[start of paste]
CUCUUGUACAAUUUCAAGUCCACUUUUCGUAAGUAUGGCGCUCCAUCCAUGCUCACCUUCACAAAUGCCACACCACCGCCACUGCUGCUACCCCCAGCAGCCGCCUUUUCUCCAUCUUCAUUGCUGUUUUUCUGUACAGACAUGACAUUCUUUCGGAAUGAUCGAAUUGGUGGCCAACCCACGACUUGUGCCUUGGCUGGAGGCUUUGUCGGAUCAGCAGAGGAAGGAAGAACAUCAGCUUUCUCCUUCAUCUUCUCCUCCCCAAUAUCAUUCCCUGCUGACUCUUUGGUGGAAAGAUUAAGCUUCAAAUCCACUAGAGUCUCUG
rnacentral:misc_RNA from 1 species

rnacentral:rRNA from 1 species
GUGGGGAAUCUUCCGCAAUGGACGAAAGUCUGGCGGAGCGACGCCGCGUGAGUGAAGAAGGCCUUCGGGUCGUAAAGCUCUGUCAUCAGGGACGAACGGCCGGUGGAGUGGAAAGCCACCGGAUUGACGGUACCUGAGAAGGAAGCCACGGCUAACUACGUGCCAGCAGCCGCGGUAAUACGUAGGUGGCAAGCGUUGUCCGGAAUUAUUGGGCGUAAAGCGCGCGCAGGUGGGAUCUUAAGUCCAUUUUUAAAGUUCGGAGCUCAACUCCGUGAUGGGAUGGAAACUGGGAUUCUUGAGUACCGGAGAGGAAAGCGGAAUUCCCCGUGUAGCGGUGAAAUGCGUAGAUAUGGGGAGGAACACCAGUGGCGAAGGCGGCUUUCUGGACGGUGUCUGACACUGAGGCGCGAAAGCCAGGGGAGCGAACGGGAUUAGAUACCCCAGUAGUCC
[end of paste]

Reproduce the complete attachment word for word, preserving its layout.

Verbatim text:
CUCUUGUACAAUUUCAAGUCCACUUUUCGUAAGUAUGGCGCUCCAUCCAUGCUCACCUUCACAAAUGCCACACCACCGCCACUGCUGCUACCCCCAGCAGCCGCCUUUUCUCCAUCUUCAUUGCUGUUUUUCUGUACAGACAUGACAUUCUUUCGGAAUGAUCGAAUUGGUGGCCAACCCACGACUUGUGCCUUGGCUGGAGGCUUUGUCGGAUCAGCAGAGGAAGGAAGAACAUCAGCUUUCUCCUUCAUCUUCUCCUCCCCAAUAUCAUUCCCUGCUGACUCUUUGGUGGAAAGAUUAAGCUUCAAAUCCACUAGAGUCUCUG
rnacentral:misc_RNA from 1 species

rnacentral:rRNA from 1 species
GUGGGGAAUCUUCCGCAAUGGACGAAAGUCUGGCGGAGCGACGCCGCGUGAGUGAAGAAGGCCUUCGGGUCGUAAAGCUCUGUCAUCAGGGACGAACGGCCGGUGGAGUGGAAAGCCACCGGAUUGACGGUACCUGAGAAGGAAGCCACGGCUAACUACGUGCCAGCAGCCGCGGUAAUACGUAGGUGGCAAGCGUUGUCCGGAAUUAUUGGGCGUAAAGCGCGCGCAGGUGGGAUCUUAAGUCCAUUUUUAAAGUUCGGAGCUCAACUCCGUGAUGGGAUGGAAACUGGGAUUCUUGAGUACCGGAGAGGAAAGCGGAAUUCCCCGUGUAGCGGUGAAAUGCGUAGAUAUGGGGAGGAACACCAGUGGCGAAGGCGGCUUUCUGGACGGUGUCUGACACUGAGGCGCGAAAGCCAGGGGAGCGAACGGGAUUAGAUACCCCAGUAGUCC